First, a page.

The Roman Mysteries
Book 1 in the series
|Illustrator||Fred van Deelen, Peter Sutton, Richard Carr|
|Media type||Print (Hardback & Paperback)|
The Roman Mysteries is a series of historical novels for children by Caroline Lawrence. The first book, The Thieves of Ostia, was published in 2001, finishing with The Man from Pomegranate Street, published in 2009, and 17 more novels were planned, plus a number of "mini-mysteries" and companion titles.
The books take place in the ancient Roman Empire during the reign of the Emperor Titus. They detail the adventures of four children who solve mysteries and have adventures in Ostia, Rome, Greece, and beyond: Flavia, a Roman girl who lives in Ostia; Nubia, a slave girl from Africa; Jonathan, a Jewish boy; and Lupus, a mute beggar boy.
The four detectives
- Flavia Gemina: A wealthy Roman girl
- Jonathan ben Mordecai: A kind but pessimistic Jewish/Christian boy
- Nubia: An African girl, former slave of Flavia, good with animals
- Lupus: A mute beggar boy with a tragic past
Characters based on historical persons
- Pliny the Elder, admiral of the Misenum fleet and an accomplished natural historian.
- Pliny the Younger, nephew of the Elder
- Titus, Emperor of Rome
- Berenice of Cilicia, Titus' exiled Jewish mistress
- Domitian, Titus' younger brother
- Gaius Suetonius Tranquillus, the famous historian, who appears as a young man initially betrothed to Flavia.
- Gaius Valerius Flaccus, the poet, who appears in several novels as a teenaged man, and a love interest of Flavia's.
- Titus Flavius Josephus, famous Jewish historian.
- The Thieves of Ostia (2001)
- The Secrets of Vesuvius (2001)
- The Pirates of Pompeii (2002)
- The Assassins of Rome (2002)
- The Dolphins of Laurentum (2003)
- The Twelve Tasks of Flavia Gemina (2003)
- The Enemies of Jupiter (2003)
- The Gladiators from Capua (2004)
- The Colossus of Rhodes (2005)
- The Fugitive from Corinth (2005)
- The Sirens of Surrentum (2006)
- The Charioteer of Delphi (2006)
- The Slave-girl from Jerusalem (2007)
- The Beggar of Volubilis (2008)
- The Scribes from Alexandria (2008)
- The Prophet from Ephesus (2009)
- The Man from Pomegranate Street (2009)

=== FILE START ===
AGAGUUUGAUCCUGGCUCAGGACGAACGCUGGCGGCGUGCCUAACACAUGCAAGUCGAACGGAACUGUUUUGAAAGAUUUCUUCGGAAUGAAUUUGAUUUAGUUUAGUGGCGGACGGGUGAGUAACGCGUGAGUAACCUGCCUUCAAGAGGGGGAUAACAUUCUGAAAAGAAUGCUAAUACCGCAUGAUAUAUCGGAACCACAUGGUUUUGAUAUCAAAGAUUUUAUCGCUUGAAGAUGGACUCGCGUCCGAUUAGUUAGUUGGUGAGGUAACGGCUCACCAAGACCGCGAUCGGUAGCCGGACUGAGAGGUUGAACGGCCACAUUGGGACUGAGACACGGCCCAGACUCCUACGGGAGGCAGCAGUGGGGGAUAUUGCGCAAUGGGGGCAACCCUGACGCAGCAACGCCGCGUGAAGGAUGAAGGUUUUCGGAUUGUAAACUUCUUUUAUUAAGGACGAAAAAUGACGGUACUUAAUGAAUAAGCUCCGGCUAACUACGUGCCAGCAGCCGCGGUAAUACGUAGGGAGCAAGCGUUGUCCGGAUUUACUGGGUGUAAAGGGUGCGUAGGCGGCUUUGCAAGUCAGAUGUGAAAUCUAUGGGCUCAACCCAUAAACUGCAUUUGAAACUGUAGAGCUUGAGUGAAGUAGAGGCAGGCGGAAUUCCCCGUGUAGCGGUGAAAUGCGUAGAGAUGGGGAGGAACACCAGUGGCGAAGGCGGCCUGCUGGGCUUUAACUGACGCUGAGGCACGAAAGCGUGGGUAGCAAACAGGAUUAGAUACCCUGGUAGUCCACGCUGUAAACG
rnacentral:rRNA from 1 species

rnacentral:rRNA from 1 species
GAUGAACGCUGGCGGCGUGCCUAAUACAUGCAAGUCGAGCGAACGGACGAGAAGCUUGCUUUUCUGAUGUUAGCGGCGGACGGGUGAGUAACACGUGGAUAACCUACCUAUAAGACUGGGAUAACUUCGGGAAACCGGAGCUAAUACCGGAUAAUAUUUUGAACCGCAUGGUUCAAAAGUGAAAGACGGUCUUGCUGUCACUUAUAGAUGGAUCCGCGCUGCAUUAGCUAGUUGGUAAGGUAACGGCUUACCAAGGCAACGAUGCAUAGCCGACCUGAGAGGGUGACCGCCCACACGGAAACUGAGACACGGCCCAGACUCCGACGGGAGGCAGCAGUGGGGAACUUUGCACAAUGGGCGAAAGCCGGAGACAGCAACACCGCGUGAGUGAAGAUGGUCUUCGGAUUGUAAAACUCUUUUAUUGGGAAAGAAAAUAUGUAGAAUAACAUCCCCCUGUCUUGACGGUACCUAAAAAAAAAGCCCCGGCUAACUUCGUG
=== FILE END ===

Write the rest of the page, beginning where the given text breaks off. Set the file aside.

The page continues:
- The Roman Mysteries Omnibus I: The Thieves of Ostia, the Secrets of Vesuvius and the Pirates of Pompeii.
- The Roman Mysteries Omnibus II: The Assassins of Rome, the Dolphins of Laurentum, the Twelve Tasks of Flavia Gemina.
- The Roman Mysteries Omnibus III: The Enemies of Jupiter, the Gladiators from Capua, the Colossus of Rhodes.
- Bread and Circuses (short story published in 2003 in The Mammoth Book of Roman Whodunits); re-published in a shorter version as a novella, titled The Code of Romulus for World Book Day in April 2007)
- Trimalchio's Feast and other mini-mysteries (2007)
- The Legionary from Londinium and other mini-mysteries (2010)
- The First Roman Mysteries Quiz Book
- The Second Roman Mysteries Quiz Book
- The Roman Mysteries Treasury (2007)
- From Ostia to Alexandria with Flavia Gemina: Travels with Flavia Gemina (2008)
In 2008 a sequel trilogy for young adults was proposed, with the main characters being Jonathan's 14-year-old orphaned twin nephews. The stories would have been partly set in Roman Britain. The first book was to be published in March 2010. The working title for the trilogy was the Flavian Trilogy, with individual stories "Brothers of Jackels", "Companion of Owls" and "Prey of Lions". On her blog and website, Caroline Lawrence has said the content was deemed "too edgy" for the Roman Mysteries brand and as a result has been put on hold indefinitely.
In April 2010, author Caroline Lawrence announced that she is planning a spinoff for younger readers. The main character will be Threptus, an 8-year-old Ostian beggar boy who makes appearances in the final Roman Mystery, The Man from Pomegranate Street & the final short story in The Legionary from Londinium and other mini-mysteries.
Each of the novels has at least one map of the area covered in the story, sometimes also plans or diagrams; these are by Richard Russell Lawrence. The chapters are called scrolls, after the rolls of papyrus which were Roman 'books', and are numbered with Roman numerals. The glossary explaining Roman terms is called "Aristo's Scroll", after Flavia's tutor, and the author's note, which separates fact from fiction, is called "The Last Scroll".
The film rights belong to The Little Entertainment Group Ltd and all queries should be addressed to them.